Osborn, Henry Fairfield; The Titanotheres of Ancient Wyoming, Dakota, and Nebraska. Two vol. set. USGS Monograph 55. 1929

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640-O
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Product Description
Osborn, Henry Fairfield; The Titanotheres of Ancient Wyoming, Dakota, and Nebraska. Two vol. set. USGS Monograph 55. Government Printing Office, Washington, D.C., 1929. Large quarto, Vol. 1, pp. xxiv, 701, plates 1–42. Vol. 2. pp. xi, 703–953, plates 43–236. Numerous text figures in both volumes.
 
The set is complete and in the original brown cloth with gilt title. Bindings are tight and clean with light shelf scuffing, gilt titles are bright. Text and plates are bright and clean with small Stockholm, Sweden stamp on upper outer corner of first end sheet.  In very good condition.
 
Henry Fairfield Osborn (1857-1935) was an American geologist and paleontologist.. Osborn completed his studies at Princeton University where he became professor of comparative anatomy from 1883 to 1890. In 1891 he was hired jointly by Columbia University and the American Museum of Natural History, New York. He became professor of biology at Columbia University.  At the AMNH he became president in 1908, serving until 1933, during which time he accumulated one of the finest fossil collections in the world. He assembled a great team of fossil hunters which included Roy Chapman Andrews, one of the prototypes of Indiana Jones, and Charles R. Knight, who made murals of dinosaurs in their habitats and sculptures. He was mentored by the famous paleontologist Edward Drinker Cope, whom he met on a fossil-hunting expedition in Wyoming. Osborn joined the US Geological Survey in 1900 and became senior vertebrate paleontologist in 1924. During his career he led many fossil-hunting expeditions into the American Southwest.His research and publication of “Titanotheres” was his largest work.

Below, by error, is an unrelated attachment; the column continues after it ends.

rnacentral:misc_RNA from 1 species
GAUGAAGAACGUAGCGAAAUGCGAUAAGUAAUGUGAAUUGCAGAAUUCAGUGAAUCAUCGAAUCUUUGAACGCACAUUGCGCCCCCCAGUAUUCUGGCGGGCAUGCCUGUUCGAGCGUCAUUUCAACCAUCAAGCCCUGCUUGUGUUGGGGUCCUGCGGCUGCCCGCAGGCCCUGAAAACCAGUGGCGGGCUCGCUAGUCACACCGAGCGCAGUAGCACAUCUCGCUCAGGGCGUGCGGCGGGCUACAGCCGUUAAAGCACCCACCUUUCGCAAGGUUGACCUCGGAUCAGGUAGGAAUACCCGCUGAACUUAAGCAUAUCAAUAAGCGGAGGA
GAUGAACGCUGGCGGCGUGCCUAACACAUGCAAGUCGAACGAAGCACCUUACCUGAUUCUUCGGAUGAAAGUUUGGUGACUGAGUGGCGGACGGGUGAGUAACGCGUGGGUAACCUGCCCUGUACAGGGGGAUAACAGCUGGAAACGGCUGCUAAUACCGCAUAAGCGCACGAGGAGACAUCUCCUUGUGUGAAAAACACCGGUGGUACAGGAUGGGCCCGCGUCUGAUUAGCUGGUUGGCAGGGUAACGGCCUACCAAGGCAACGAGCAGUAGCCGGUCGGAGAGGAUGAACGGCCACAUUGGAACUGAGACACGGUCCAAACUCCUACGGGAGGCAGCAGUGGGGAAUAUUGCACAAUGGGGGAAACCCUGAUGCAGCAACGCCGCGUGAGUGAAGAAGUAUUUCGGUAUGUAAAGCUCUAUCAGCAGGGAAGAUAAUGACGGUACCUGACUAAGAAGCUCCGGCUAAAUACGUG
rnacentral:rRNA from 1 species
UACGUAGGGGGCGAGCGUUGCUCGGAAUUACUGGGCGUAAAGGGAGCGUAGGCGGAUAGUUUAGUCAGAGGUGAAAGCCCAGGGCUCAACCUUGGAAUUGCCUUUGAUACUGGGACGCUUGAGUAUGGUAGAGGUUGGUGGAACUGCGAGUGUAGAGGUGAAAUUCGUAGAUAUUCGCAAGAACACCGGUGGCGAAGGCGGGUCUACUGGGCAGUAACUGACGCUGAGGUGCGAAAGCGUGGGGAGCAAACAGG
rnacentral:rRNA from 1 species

The Titanotheres are an extinct group of large-hoofed mammals that originated during the early Eocene. Titanotheres, more properly called “brontotheres,” became extinct during the middle of the Oligocene. Most were large and fed mainly on soft vegetation. Their skulls were massive and frequently adorned with large bony protuberances covered in skin that may have been used as defensive weapons against predators. The bodies were bulky with strong, pillarlike limbs. Osborn provides a systematic description of Titanotheres.